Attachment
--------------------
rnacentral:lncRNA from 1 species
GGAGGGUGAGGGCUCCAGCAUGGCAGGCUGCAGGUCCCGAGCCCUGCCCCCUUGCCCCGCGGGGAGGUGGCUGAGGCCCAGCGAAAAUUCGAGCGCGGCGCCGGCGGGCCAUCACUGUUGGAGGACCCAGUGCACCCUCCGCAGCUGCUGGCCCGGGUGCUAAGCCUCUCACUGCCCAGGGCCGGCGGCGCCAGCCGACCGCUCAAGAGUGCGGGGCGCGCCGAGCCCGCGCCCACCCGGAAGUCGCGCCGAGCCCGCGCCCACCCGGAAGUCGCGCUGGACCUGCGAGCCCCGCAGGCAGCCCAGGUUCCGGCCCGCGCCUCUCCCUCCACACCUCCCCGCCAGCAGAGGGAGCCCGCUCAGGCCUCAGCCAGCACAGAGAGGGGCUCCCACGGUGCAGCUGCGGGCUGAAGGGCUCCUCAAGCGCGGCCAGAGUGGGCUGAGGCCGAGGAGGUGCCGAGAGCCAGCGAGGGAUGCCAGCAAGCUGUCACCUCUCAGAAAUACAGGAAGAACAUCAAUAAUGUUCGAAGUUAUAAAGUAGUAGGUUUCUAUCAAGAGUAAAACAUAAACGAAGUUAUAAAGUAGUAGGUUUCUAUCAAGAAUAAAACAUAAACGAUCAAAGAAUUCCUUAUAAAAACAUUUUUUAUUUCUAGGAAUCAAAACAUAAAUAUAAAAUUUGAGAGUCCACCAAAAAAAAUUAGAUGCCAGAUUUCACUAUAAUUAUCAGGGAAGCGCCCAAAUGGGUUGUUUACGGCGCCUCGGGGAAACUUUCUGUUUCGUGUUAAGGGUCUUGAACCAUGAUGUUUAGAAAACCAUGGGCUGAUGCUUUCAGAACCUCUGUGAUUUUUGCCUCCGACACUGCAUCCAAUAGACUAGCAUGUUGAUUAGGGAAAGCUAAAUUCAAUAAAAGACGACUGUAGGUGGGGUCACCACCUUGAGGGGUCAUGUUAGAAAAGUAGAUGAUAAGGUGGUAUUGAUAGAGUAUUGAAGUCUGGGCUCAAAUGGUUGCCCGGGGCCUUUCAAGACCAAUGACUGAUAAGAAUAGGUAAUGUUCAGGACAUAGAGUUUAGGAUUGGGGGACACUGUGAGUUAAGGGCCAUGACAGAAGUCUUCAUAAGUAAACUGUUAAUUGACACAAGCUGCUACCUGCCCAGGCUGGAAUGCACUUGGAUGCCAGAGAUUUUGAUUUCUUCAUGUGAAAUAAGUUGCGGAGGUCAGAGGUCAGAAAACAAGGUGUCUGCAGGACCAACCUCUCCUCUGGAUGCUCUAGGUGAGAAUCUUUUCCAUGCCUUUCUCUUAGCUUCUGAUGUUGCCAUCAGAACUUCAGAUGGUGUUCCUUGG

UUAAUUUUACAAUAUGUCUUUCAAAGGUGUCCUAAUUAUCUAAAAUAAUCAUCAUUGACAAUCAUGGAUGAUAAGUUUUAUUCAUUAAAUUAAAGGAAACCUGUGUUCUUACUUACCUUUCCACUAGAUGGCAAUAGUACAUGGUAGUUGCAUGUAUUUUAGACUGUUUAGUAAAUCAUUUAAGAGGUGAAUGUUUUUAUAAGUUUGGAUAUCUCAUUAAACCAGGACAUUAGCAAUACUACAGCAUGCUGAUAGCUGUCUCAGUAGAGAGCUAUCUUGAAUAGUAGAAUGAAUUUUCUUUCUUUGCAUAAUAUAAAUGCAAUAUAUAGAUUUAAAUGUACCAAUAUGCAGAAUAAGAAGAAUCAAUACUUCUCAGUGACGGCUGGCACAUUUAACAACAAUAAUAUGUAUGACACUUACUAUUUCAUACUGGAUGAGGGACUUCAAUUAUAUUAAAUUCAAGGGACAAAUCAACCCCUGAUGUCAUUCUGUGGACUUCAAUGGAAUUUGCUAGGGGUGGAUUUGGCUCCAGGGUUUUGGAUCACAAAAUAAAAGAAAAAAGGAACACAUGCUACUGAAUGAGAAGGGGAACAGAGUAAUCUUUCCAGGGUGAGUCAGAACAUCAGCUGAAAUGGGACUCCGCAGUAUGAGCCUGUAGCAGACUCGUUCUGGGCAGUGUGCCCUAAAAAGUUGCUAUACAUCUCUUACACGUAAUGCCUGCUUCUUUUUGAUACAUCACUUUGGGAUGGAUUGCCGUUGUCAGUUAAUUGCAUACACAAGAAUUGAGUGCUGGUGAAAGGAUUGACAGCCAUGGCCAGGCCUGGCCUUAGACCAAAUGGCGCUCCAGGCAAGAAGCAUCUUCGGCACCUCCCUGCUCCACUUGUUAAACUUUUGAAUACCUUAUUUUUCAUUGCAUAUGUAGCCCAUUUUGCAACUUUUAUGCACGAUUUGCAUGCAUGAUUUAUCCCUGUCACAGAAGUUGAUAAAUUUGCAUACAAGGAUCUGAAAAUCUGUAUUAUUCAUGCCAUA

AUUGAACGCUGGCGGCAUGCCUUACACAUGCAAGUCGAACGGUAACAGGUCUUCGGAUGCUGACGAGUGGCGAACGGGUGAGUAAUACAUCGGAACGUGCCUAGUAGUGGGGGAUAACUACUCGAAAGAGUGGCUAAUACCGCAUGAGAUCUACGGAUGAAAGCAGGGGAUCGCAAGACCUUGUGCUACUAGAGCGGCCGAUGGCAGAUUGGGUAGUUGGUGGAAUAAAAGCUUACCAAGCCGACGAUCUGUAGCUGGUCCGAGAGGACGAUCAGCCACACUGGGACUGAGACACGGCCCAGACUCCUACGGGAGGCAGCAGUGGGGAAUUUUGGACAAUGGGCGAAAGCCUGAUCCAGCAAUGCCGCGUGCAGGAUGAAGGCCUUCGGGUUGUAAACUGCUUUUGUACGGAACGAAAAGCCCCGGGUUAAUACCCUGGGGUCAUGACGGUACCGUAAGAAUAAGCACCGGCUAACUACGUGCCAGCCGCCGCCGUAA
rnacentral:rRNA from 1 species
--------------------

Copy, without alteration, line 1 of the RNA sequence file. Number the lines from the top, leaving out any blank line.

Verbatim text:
rnacentral:lncRNA from 1 species